Youth unemployment is a tragic reality whatever the circumstance, but there is something especially unsavoury about young people who have been sold on the graduate life ideal, only to end up without a job and in debt. The mismarketing of higher education is one of the least commented-upon scandals of our time.
Remember those great long six-week school holidays you used to get every summer? Six weeks, of course, is not really very long at all in the grand scheme of things, but it used to feel like an absolute eternity, didn't it? They were fantastic, I loved them. And now, like a lot of things I remember fondly from children, they're about to be thrown to the wolves.
For decades, the highly political anti-poverty industry has led the debate on the definition of poverty. They narrowly focus on eradicating poverty by increased benefits and expanding social services, where protection of benefits and the recipients' right not to work overshadows the argument that work equals empowerment and they promote the 'victimisation' of those they claim to represent.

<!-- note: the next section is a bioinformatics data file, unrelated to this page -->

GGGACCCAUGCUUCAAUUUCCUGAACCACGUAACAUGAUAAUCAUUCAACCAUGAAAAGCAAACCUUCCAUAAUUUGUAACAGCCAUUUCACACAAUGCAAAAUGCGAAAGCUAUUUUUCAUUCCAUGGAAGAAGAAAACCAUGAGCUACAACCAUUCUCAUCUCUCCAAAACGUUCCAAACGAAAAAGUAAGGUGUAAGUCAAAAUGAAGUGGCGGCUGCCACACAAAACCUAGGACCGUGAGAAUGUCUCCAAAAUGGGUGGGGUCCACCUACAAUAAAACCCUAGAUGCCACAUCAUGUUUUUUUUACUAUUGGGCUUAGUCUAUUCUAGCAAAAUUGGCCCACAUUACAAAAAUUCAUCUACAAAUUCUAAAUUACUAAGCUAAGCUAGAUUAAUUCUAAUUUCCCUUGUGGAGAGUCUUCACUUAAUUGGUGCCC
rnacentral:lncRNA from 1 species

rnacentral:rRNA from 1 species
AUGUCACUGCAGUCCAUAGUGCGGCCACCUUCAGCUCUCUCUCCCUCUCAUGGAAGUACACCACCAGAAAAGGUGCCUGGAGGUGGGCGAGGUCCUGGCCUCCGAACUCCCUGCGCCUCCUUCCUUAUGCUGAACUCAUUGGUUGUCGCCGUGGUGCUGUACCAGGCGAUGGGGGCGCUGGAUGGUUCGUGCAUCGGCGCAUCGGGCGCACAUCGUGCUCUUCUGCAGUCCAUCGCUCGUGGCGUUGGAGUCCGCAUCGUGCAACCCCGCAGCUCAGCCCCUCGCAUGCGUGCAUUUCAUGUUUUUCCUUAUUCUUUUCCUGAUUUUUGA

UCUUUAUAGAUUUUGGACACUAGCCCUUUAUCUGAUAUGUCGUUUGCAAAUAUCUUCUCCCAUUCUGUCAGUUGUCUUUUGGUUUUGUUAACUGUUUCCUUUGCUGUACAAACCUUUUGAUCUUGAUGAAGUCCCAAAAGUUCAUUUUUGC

Today we live in an era of hyper-specialisation. We all drill deeper in our silos. How else can you keep up, let alone get ahead in our frenetic, rapidly changing, competitive world? Yet we seem to get stuck, as the same ideas and arguments get recycled, only faster than ever before (thank technology, social media and the blogosphere).